Twitter is Donald Trump’s domain, his megaphone to blast the nation with his incessant tweeting. What would life be like if he did not work his thumbs down to nubbins on his tech tool? He would not be able to threaten individuals, including politicians, and companies to tow his lying line or face catastrophic results. People would not be able to retweet his virulent rants against immigrants after POTUS tweeted, modeling violence for his followers. Hate crimes would go down. Then, this happened.
Americans have watched as the commander-in-chief extended his reach to undermine the media, divide the country, or spin out propaganda as facts. POTUS could not incite violence among the white supremacists, degrade the office of the president, or promote Russia.
People would not have been mesmerized into his flock or fallen for the crazy ideas that he was a modern-day prophet — or profit, a chosen one, and yes, even the chosen one.
Unfortunately, he does have a Twitter account that has been running wildly unchecked for the past four and one-half years. That has allowed him to spew his diarrhea of the tweet across the country. Then, as Trump frequently says “a miracle happened.” Twitter caved and started to monitor the president.
Finally, the company took down an image that the U.S. president posted, after The New York Times complained about copyright infringement, Reuters reported.
Now, people wonder what did it say or show? On June 30, he posted a meme that said:
‘[In reality they’re not after me they’re after you I’m just in the way.’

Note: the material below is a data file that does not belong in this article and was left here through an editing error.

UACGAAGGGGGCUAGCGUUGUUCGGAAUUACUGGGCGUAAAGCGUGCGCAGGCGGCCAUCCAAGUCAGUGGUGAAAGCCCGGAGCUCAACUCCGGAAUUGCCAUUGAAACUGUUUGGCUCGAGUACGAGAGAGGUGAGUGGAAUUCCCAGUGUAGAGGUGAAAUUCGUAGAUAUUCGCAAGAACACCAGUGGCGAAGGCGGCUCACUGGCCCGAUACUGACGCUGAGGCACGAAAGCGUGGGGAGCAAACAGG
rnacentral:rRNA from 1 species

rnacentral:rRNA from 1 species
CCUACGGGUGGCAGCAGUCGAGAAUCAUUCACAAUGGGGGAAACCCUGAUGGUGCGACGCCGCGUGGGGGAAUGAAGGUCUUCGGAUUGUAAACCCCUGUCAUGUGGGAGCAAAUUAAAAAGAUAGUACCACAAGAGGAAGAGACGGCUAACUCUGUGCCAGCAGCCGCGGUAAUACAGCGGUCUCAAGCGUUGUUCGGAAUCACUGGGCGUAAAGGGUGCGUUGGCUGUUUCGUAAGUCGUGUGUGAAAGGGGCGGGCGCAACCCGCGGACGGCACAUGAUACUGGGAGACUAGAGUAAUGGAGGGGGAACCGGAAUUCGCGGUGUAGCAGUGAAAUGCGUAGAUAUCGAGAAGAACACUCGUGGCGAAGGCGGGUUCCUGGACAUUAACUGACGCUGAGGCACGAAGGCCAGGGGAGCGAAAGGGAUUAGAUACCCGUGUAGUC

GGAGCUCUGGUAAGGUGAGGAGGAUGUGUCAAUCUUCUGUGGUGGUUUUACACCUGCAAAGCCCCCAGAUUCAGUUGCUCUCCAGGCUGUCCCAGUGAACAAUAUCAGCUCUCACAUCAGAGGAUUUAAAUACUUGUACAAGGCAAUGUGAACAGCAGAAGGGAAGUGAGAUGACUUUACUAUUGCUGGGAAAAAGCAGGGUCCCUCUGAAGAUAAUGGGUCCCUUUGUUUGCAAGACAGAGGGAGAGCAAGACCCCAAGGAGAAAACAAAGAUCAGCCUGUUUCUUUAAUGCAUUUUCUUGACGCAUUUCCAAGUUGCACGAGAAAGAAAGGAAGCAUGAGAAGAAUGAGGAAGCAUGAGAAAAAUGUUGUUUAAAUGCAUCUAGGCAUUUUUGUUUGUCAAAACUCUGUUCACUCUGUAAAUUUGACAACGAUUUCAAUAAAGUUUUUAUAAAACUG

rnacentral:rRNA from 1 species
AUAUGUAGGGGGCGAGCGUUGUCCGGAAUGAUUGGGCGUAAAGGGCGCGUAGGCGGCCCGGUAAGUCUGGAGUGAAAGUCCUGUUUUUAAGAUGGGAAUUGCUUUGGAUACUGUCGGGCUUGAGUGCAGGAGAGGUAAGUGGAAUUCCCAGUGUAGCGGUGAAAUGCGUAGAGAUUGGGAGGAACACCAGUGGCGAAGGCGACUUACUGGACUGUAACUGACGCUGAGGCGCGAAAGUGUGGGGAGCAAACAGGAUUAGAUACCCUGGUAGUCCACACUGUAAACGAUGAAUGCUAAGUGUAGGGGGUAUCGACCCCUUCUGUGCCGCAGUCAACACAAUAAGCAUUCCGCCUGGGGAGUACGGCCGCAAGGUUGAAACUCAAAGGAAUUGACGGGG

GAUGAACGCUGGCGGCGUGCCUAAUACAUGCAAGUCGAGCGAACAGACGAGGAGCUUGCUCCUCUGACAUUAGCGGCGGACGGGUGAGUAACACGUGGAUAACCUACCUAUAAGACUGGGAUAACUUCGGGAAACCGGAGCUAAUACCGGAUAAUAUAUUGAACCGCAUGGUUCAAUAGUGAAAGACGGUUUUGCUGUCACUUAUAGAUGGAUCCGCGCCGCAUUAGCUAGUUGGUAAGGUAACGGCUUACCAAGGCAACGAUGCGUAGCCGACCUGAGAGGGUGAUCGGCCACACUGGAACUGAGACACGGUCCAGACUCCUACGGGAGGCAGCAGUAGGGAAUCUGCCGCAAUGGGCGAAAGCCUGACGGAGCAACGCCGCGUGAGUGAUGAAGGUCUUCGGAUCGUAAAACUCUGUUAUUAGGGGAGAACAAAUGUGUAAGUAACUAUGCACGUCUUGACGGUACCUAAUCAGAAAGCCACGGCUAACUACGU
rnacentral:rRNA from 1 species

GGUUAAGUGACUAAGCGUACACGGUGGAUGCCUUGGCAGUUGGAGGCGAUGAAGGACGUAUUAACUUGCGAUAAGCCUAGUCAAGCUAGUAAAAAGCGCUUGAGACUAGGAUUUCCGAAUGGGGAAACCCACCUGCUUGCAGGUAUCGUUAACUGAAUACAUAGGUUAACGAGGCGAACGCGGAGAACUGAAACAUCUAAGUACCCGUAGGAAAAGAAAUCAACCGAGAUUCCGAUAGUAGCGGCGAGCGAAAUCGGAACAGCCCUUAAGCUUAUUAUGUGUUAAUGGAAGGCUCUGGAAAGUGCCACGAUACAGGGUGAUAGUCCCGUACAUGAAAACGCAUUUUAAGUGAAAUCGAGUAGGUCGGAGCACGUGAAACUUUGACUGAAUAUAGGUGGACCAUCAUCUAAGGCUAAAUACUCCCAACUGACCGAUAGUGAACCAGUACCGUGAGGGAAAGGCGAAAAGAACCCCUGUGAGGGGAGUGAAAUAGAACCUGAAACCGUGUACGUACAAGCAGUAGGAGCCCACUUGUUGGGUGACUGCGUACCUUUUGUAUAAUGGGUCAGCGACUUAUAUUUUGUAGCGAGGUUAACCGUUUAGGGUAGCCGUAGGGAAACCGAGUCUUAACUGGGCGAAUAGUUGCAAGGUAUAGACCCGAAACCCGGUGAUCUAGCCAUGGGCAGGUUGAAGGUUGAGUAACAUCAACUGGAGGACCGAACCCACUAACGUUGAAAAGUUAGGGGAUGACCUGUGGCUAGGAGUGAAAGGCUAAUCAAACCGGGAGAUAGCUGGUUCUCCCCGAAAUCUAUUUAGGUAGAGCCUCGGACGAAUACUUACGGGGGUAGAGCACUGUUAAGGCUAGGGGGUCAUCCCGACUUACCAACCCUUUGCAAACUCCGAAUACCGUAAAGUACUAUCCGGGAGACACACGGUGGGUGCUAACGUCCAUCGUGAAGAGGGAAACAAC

At issue was the photo behind these words. It pictured POTUS when he was a mere candidate, in September 2015. Twitter pulled the meme and replaced it with a message that read:
‘his image has been removed in response to a report from the copyright holder.’
Twitter, Inc. has been flagging or removing a number of Trump’s posts. They fell under the violation of its policies, threatening violence, copyright laws, and the list goes on.
This incident came after Twitter received a Digital Millennium Copyright Act (DMCA) complaint from the New York Times The Times owns “the rights to the photo, according to the notice posted on the Lumen Database.” This organization “collects and analyzes legal complaints” and removes requests regarding online postings. The social medium took down Trump’s tweet.
Last May was the first time Twitter, Inc. decided to challenge the president. Since then, Trump has declared all at war with the company. Yet, he dare not completely blow it up, because how would he talk to his followers then?
As usual, he attacked — hitting back 10 times harder than he was hit. He threatened the company, saying he would change the laws on social media. Twitter had dinged him for posting a tweet about vote-by-mail lies. Then POTUS posted a tweet about looting, which was totally inaccurate. Twitter took that one down for “fomenting violence.”
Trump posted a campaign tribute video that featured a Black man George Floyd, who was murdered in cold blood by a police officer. The president’s tweet was disabled by Twitter, Facebook, and Instagram for copyright infringements that time.
This is how his last Twitter ding appeared:
Twitter world went wild on both sides of the great divide. Check out some of our favorites below:
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